Children’s Literature Supplement May 2023
Mother May I
It’s difficult to catalog all the songs, poems, odes, and essays which have been dedicated to the month of May over the centuries. Not only is spring’s splendor apparent this month, it’s also the season of garage sales, graduations, school plays, moms, and the Virgin Mary. To wrap it up, we even have a wonderful bit of Americana in the form of Memorial Day. In between the mattress sales and cookouts, we dutiful citizens might take a moment to learn something about the celebration and reflect on the incredible service rendered to this country by its brave sons and daughters. And to our little ones waving the Stars and Stripes, let’s tell them of the marvels of our land, teach them our patriotic songs, and remind them of the honor owed to our servicemen and women.
A little Americana:
Do you know how to fold the flag? Take a moment to learn how here.
There are numerous non-fiction books about Memorial Day, and your local library should have at least a few! Do a quick search and see what you can find. If those aren’t available, check out the story of Maya Lin, the creator of the Vietnam War Memorial or do a little research on the sculptor who designed the statue of Lincoln in the Lincoln Memorial. (Fun fact: This artist was influenced by May Alcott, the younger sister of Louisa May Alcott and the model for Amy in Little Women.)
Sarah learned about the Tomb of the Unknown Soldier through a school assignment, and was overawed when she finally got to visit it in person. Here is an illustrated book about the tomb (Twenty-One Steps: Guarding the Tomb of the Unknown Soldier, 2021), and here is a video explaining what it takes to become a sentinel at the tomb. And if you can’t make it to Arlington for the guard-changing ceremony, here’s a PBS news clip.
Sometimes, poetry can say what regular prose cannot. That may be especially true when it comes to the Tomb of the Unknown Soldier.
If you want to learn more about our flag, spend some time with Betsy Ross. She’s also featured in a collection (Heroines of the American Revolution: America’s Founding Mothers, 1998) which was a favorite of Sarah’s growing up.
Summer vacation approaches! Here are two magazines and two activity books to capture your child’s attention this season:
Birds and Blooms (This isn’t specifically a children’s magazine, but it’s wholesome and charming, and the nature pictures are incredible.)
The Dangerous Book for Boys (2006)
The Daring Book for Girls (2007)
Klutz books! Sarah adored these clever activity books (and still does, actually), and they have a multitude of titles. Want to make tissue-paper flowers? There’s a book for that. String art? Yep. Card tricks? Absolutely. The list is lengthy, and encompasses everything from beginning filmography to nail art to macramé. Find a copy at your local library, off Amazon, or from a used bookstore. Hours of fun and creativity are guaranteed!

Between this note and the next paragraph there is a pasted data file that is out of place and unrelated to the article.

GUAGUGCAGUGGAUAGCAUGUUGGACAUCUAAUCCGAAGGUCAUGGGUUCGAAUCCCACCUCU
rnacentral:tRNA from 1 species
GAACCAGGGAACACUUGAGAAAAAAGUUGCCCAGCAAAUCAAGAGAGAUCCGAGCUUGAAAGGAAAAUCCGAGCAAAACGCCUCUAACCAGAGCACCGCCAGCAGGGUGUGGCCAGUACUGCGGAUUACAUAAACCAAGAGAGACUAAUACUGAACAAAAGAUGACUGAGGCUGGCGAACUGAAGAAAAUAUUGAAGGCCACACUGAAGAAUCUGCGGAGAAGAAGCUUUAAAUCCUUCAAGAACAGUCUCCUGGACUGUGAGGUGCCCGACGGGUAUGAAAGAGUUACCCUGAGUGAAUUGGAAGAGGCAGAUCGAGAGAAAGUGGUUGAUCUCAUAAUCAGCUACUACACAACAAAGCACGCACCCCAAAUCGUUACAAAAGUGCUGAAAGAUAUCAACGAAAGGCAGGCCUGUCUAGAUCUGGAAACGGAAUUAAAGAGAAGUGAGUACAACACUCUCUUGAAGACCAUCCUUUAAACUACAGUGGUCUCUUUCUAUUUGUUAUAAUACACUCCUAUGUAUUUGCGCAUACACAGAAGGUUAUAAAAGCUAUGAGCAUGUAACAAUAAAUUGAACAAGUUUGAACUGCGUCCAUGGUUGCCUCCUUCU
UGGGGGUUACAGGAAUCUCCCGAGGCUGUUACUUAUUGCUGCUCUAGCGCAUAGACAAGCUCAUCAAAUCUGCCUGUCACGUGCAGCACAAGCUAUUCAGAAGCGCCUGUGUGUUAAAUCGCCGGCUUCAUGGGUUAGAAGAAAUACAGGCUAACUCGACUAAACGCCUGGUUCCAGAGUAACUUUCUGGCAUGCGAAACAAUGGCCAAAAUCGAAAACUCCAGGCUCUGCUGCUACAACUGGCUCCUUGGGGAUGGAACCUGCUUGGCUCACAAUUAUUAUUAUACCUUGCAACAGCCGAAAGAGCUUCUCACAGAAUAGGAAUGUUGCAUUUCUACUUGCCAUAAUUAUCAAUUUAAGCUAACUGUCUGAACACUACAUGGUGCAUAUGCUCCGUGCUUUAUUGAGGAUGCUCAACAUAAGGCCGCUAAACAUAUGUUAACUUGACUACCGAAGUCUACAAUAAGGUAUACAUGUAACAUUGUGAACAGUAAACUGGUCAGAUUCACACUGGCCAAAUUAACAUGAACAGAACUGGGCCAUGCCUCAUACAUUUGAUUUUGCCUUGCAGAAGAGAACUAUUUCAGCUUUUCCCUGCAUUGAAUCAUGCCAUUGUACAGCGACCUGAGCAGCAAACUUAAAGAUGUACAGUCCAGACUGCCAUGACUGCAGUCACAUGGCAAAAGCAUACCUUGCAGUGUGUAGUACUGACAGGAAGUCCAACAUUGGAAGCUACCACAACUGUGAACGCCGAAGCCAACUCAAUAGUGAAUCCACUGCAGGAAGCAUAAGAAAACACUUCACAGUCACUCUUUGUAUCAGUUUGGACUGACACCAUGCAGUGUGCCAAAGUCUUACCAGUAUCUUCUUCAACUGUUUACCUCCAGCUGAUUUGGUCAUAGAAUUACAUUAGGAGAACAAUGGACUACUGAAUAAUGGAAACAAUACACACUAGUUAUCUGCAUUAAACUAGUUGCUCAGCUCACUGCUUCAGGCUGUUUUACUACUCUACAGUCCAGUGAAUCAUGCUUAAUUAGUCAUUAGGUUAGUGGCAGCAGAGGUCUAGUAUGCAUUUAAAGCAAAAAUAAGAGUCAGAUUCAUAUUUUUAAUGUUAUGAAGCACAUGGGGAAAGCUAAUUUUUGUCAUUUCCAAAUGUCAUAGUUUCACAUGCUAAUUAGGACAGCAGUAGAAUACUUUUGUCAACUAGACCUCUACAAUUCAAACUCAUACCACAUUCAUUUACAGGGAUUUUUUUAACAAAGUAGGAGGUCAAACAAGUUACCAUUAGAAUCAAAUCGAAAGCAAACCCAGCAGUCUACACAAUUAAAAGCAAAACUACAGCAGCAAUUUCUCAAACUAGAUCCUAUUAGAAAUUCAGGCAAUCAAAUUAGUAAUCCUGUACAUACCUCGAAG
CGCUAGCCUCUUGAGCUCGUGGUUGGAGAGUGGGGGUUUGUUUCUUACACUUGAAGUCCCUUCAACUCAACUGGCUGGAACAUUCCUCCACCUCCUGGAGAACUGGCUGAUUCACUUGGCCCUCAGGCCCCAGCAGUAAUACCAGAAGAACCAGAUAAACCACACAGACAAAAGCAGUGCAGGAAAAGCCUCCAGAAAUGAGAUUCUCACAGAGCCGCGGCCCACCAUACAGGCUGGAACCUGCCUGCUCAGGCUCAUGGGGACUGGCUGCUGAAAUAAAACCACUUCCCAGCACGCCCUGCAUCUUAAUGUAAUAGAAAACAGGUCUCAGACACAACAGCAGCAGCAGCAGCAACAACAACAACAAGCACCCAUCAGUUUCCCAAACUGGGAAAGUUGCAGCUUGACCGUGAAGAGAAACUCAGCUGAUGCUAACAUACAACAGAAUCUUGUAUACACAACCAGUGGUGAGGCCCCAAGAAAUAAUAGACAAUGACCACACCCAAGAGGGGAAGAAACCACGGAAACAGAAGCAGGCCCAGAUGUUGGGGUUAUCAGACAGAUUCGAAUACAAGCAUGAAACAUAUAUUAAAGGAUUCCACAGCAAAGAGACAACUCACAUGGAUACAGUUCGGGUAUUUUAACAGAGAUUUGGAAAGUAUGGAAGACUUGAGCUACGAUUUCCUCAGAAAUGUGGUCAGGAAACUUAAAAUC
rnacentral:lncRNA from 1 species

Can’t find a Klutz book to suit your interests? Here are two other titles to help you while away the hours:
Kids Crochet (2005) by Lena Corwin
Wind in the Willows:
Sarah has been completely enchanted by Kenneth Graham’s The Wind in the Willows (1908) for years now and believes everyone should read it. Actually, A. A. Milne believed so too, and said:
One does not argue about The Wind in the Willows. The young man gives it to the girl with whom he is in love, and, if she does not like it, asks her to return his letters. The older man tries it on his nephew, and alters his will accordingly. The book is a test of character. We can't criticize it, because it is criticizing us. But I must give you one word of warning. When you sit down to it, don't be so ridiculous as to suppose that you are sitting in judgment on my taste, or on the art of Kenneth Grahame. You are merely sitting in judgment on yourself. You may be worthy: I don't know, But it is you who are on trial.
While her favorite illustrated version is done by Robert Ingpen, there are some other wonderful editions which shouldn’t be overlooked:
And if you don’t have time to read it aloud, try it on audiobook! (Make sure it’s the unabridged version.)
“A Disgraceful Toad”:
Speaking of Wind in the Willows, Sarah wrote recently about her least-favorite character from the tale, and about his vital importance to the story:
This seemingly simple tale is thematically rich: What is home? What is hospitality? How does the spirit of adventure affect us? As friendship is another of the book’s important themes, I shall focus here on how it affects Mr. Toad. Some commentaries I’ve read over the years consider Toad to be the darling of young readers. Indeed, his breezy manners and madcap deeds, splendid wealth and self-laudatory songs contrast considerably with the measured, warm, genuine partnership of Rat and Mole. I disliked Toad the moment we met, not because he was an unpleasant character, but because he was just so absurd, and I could not comprehend how Rat, Mole, and Badger (a sort of guardian figure throughout the tale) put up with him.
Keep reading with a 7-day free trial
Subscribe to The Washington Review of Books to keep reading this post and get 7 days of free access to the full post archives.